Nation falls silent in memory of Duke of Edinburgh
The nation has fallen silent in memory of the Duke of Edinburgh as his funeral marking a life of service, devotion and duty began.
The Queen and her family have gathered to say farewell to Philip, who died peacefully just over a week ago at Windsor Castle and was hailed as the "grandfather" of the country by his son the Duke of York.
Covid-19 regulations have reduced the scope of the service with public elements cancelled, mourners reduced from around 800 to just 30, and all guests wearing face masks and sitting apart.
As the funeral began the nation came to a halt to observe a minute's silence in memory of the duke who died a few months short of his 100th birthday.
In weather more like summer than spring, the Prince of Wales and Princess Royal had led senior royals in walking behind their father's coffin the short distance from the castle to St George's Chapel.
Philip's coffin was carried on a custom-built Land Rover Defender hearse designed by the duke and modified over 16 years.
It was followed for part of its final journey by the Queen, who travelled in a Bentley with Lady Susan Hussey, with her trusted lady-in-waiting - with both wearing facemasks.
Watching as it passed were royal mourners including the Duchess of Cornwall, Duchess of Cambridge, Countess of Wessex and her children Viscount Severn and Lady Louise Windsor.
Zara and Mike Tindall, Princess Beatrice and her husband Edoardo Mapelli Mozzi, and Princess Eugenie and her husband Jack Brooksbank were also in attendance.
The Duke of Sussex and Duke of Cambridge joined the procession but were separated by their cousin Peter Phillips. They were seated opposite one another in St George's Chapel during the service, with William next to wife Kate.
Cutting a solitary figure at the front of the quire, nearest the altar, the Queen sat apart from her children.
There was a space left beside her where her husband of 73 years the duke would have sat.
David Conner, the Dean of Windsor, said in the Bidding: "We are here today in St George's Chapel to commit into the hands of God the soul of his servant Prince Philip, Duke of Edinburgh.
"With grateful hearts, we remember the many ways in which his long life has been a blessing to us.
"We have been inspired by his unwavering loyalty to our Queen, by his service to the nation and the Commonwealth, by his courage, fortitude and faith."
During the service the choir sang Psalm 104, set to music by William Lovelady, as had been requested by the Duke of Edinburgh.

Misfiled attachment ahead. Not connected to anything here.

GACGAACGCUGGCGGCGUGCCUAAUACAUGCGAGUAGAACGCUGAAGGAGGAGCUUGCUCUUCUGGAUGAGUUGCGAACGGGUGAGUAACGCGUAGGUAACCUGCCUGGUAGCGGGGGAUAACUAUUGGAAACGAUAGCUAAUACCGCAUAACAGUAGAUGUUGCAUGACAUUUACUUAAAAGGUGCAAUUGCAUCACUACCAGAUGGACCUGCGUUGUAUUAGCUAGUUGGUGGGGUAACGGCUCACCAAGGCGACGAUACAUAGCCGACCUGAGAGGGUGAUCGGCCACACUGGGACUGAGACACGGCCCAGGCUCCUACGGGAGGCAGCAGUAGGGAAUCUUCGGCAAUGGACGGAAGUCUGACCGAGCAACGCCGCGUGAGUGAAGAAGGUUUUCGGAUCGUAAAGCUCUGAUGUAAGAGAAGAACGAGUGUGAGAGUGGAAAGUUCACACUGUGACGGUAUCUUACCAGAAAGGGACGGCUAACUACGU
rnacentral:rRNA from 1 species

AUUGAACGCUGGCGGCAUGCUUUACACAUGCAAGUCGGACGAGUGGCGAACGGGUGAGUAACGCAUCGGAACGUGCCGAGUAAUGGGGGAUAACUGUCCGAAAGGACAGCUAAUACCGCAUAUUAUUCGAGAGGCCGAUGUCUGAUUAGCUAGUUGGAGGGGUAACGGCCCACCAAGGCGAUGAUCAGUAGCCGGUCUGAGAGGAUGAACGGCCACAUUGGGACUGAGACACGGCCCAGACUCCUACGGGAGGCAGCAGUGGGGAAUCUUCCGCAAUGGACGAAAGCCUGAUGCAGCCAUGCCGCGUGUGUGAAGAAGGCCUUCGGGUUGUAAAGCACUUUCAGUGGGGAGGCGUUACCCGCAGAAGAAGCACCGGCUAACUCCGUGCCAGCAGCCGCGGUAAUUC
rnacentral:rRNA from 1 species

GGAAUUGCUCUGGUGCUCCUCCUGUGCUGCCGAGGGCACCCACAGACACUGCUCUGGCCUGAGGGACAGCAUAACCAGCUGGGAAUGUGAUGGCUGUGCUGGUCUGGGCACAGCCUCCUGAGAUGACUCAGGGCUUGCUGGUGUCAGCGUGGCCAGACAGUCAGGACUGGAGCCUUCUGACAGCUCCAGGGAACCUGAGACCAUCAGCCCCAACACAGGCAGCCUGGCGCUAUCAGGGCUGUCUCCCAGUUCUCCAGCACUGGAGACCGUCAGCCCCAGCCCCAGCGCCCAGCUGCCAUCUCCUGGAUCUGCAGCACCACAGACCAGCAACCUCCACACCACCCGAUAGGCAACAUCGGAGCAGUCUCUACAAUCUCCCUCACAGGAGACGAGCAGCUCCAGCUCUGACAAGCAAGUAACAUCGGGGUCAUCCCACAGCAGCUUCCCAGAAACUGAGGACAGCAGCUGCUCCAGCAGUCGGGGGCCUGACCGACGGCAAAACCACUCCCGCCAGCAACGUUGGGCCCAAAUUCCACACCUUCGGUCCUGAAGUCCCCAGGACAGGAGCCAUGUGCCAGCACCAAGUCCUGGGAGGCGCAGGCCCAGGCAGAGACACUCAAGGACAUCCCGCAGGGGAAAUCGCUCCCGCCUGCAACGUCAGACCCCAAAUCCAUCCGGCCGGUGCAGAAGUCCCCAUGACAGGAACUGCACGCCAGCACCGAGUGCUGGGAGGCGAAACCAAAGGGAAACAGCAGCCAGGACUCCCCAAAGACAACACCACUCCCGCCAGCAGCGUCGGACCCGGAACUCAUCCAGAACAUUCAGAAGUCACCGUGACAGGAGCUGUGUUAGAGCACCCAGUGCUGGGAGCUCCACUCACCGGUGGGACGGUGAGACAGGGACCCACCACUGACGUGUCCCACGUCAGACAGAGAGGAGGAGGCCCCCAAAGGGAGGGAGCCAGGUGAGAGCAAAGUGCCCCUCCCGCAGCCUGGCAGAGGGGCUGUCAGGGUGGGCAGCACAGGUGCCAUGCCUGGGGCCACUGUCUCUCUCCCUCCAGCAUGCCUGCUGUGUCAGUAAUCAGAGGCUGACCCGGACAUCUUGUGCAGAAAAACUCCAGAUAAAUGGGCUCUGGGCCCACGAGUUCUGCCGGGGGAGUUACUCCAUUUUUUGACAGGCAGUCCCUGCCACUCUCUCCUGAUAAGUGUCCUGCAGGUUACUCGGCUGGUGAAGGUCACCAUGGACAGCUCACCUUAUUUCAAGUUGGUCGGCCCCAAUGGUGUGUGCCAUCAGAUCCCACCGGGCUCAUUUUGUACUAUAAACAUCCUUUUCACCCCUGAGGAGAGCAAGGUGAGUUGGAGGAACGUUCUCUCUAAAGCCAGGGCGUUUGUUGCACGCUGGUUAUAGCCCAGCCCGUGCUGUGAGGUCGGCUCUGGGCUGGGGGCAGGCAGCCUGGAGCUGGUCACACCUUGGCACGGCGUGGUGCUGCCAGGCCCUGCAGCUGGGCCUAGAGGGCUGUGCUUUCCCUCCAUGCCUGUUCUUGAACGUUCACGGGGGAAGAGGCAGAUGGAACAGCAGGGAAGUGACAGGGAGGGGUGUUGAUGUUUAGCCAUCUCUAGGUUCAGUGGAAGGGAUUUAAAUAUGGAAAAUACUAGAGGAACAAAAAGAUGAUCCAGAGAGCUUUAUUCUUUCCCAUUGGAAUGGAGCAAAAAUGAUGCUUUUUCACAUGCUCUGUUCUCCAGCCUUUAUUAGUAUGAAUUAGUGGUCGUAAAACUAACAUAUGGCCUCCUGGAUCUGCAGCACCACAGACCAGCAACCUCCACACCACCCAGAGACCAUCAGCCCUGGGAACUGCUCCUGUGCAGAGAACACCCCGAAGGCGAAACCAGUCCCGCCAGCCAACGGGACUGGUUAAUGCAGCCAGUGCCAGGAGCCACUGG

Originally composed as a cantata in three movements, it was first sung in honour of Philip's 75th birthday.
Philip's death left the monarchy grieving in private, but they made public appearances to recognise the support and condolences received throughout the week from the nation.
Charles spoke first for the family and praised his "dear Papa" for the "most remarkable, devoted service to the Queen, to my family and to the country".
A few days later he understandably looked more emotional when he saw first-hand at Marlborough House the hundreds of cards, flowers, letters and pictures left by the public wanting to honour his father.
Personal, funny and revealing tributes were paid by the duke's children and grandchildren who knew him best, and saw a side of the duke only glimpsed at by the outside world.
The Duke of Sussex summed up his "grandpa" as "master of the barbecue, legend of banter, and cheeky right till the end" while the Duke of Cambridge pledged to uphold his wishes and continue to support the Queen and "get on with the job".
Unseen photographs were released showing Philip sat on a sofa with the Queen at Balmoral surrounded by their great-grandchildren, having a bite to eat with his family with a beer at hand, or in the Scottish Highlands relaxing with his wife.
Philip's death has come at a time of upheaval for the royal family with the Duke and Duchess of Sussex making accusations of racism and a lack of support against their family in their bombshell Oprah Winfrey interview.
Harry also spoke about a rift with his brother William and father Charles, and this week the funeral plans revealed he would not walk shoulder to shoulder with his sibling in the funeral procession or sit together inside the chapel.
In an unexpected move it was announced military uniforms would not be worn but morning coat with medals or day dresses.
It meant Harry - who lost his honorary military titles after stepping down as senior royals - would not look out of place and it put an end to reports the Duke of York was considering wearing an admiral's uniform.
Andrew was due to be promoted to admiral in 2020 to mark his 60th birthday, but after the fallout from his friendship with convicted sex offender Jeffrey Epstein he did not receive the honour.